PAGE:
To be sure, Bush has surrounded himself with some older men, like Cheney and Rumsfeld.  But these men are not octogenarians like Mac and those men in Reagans barbershop.  They are decades younger and they, too, do not have the pulse of Americas common people in their veins.  They make their decisions in closed rooms, without any barbershop men in the back of their minds. 

So, it seems, that Bush waited far too long to start this war.  The delay gave France, Germany, Russia and China plenty of time to maneuver themselves into U.N. opposition. 

I hope this war ends quickly and cleanly.  I hope that not many of our men will be killed.  I pray that a shudder will go through the hearts of every terrorist in the world when we wipe Saddam away.  And I pray that it will make these terrorists think twice before they launch another attack like 9/11. 

We can only wait and see.  But now that the war has begun, all of us should be thinking larger thoughts, thoughts of our civilization, our allies in Britain and Australia. We should be thinking of victory for our way of life against the new evil empire in the Muslim world. 

It did not seem strange when young people of mixed race saluted the flag at our church Sunday night, and then shouted, God bless America!  God save the Queen!  It sent a shiver down my spine.  Here we are again, an isolated America, and an outnumbered Britain, standing almost alone against the worst tyranny that mankind has known since World War II. 

I am thinking tonight of a book I read on Churchill during the two weeks after he was finally given the position of Prime Minister, in May, 1940.  Hitler was already in France.  Britain was unprepared for the nightmare bombings of London that would shortly come to pass.  Historian John Lukacs tells us,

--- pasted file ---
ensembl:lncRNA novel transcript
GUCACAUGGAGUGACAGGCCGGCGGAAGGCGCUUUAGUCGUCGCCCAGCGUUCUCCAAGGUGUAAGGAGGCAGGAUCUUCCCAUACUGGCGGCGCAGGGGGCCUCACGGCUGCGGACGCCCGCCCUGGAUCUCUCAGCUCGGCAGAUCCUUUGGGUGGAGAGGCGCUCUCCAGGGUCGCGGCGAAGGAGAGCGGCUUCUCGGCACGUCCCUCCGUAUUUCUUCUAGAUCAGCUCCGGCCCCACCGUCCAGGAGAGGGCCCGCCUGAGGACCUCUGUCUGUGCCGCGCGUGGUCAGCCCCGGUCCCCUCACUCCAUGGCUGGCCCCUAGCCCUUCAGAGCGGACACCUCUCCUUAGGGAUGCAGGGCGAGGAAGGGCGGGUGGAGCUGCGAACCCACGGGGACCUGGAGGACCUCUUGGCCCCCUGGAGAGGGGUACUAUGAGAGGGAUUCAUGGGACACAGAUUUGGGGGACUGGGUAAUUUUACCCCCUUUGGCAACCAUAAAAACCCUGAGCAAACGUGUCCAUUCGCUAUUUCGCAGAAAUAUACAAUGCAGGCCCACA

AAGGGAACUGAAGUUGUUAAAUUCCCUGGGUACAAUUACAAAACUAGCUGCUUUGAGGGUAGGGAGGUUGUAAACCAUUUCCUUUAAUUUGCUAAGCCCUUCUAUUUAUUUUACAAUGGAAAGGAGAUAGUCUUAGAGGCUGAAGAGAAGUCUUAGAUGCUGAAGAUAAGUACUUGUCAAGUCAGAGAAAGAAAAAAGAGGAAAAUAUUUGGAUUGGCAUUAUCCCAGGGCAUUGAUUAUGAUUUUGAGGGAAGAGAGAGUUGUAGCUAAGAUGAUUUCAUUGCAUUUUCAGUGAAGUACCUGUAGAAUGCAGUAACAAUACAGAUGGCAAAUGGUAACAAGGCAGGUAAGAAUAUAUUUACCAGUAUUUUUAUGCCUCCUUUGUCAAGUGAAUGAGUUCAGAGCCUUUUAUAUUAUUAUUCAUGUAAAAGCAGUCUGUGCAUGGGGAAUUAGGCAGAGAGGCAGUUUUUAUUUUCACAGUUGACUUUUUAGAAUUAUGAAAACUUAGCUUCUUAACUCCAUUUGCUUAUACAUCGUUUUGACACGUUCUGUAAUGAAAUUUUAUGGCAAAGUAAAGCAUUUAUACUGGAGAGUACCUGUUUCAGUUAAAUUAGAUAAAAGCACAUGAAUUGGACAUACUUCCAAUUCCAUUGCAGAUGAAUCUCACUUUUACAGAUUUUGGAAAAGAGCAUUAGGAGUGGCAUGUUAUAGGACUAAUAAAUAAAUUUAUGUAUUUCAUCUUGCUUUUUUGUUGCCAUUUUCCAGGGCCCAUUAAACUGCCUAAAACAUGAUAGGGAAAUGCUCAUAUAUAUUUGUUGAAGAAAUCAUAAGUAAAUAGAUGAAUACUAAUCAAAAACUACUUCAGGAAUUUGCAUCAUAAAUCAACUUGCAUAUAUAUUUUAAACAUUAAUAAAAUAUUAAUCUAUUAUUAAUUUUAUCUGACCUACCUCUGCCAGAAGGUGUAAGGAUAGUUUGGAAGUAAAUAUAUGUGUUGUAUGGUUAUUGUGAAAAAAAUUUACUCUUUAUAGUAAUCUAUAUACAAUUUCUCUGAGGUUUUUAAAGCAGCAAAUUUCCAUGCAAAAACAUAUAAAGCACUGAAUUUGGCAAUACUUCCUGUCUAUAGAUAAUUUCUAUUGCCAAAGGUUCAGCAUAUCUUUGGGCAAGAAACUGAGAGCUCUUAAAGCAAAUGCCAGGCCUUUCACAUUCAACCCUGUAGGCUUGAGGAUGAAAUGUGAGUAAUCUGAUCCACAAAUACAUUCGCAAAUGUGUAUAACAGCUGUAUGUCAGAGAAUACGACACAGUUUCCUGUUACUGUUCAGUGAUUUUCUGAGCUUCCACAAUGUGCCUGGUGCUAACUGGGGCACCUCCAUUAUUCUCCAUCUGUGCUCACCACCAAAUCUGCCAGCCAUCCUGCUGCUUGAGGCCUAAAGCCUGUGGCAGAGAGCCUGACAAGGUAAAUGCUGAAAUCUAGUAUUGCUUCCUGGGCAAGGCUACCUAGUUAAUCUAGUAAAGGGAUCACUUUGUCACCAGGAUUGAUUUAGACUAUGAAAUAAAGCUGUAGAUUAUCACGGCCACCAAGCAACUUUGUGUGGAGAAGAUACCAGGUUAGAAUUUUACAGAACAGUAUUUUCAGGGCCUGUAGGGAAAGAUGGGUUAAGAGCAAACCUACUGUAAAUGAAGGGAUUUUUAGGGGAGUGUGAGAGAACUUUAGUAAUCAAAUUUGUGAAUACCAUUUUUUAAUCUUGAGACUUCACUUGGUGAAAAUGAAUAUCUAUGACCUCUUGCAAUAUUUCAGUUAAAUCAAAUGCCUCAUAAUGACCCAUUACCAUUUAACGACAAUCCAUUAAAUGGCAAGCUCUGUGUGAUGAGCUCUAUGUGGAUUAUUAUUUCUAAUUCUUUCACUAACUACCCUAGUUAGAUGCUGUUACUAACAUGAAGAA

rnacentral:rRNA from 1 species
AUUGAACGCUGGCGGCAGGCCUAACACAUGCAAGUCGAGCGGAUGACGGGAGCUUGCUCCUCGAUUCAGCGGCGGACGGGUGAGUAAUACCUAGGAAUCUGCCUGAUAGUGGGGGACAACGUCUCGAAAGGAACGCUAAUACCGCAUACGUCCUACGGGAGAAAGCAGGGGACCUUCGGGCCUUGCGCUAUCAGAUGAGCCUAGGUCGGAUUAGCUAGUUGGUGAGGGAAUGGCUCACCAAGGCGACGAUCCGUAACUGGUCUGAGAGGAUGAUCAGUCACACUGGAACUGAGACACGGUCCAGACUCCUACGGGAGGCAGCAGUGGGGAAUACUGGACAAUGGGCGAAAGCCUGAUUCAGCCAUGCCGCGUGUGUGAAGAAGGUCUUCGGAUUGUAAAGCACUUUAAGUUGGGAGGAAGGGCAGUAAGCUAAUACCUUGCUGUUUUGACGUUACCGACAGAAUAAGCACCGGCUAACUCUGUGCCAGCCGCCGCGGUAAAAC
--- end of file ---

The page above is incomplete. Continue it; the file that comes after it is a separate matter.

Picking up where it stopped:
On May 10, Churchill had become Prime Minister.  Late that afternoon, he was driven back from Buckingham Palace to the Admiralty House, where he then lived.  Behind the driver he sat with inspector W. H. Thompson, his bodyguard.  Churchill was silent.  Then Thompson thought it proper to congratulate Churchill [on becoming Prime Minister].  I only wish the position had come your way in better times, for you have an enormous task.  Tears filled Churchills eyes.  He said to Thompson: God alone knows how great it is.  I hope it is not too late.  I am very much afraid it is.  We can only do our best (Dr. John Lukacs, Five Days in London: May 1940, London: Yale University Press, 1999, pp. 5-6).

And that is my feeling tonight as I sit here alone in my study.  Earlier in the evening President Bush told us that the war was just days off.  Now, in the midnight hour, the words of Winston Churchill fill my mind, I hope it is not too late.  I am very much afraid it is.  We can only do our best. 

And never forget that Western civilization, all we have known and loved, our hearts and our homes and our future generations, hang in the balance. 

God bless you, Mr. President.  God bless you, Prime Minister Blair.  I give you my heartfelt support and prayers.  I am only a little man like Mac, my friend in Texas.  But we are with you no matter what.  God bless America!  God save the Queen!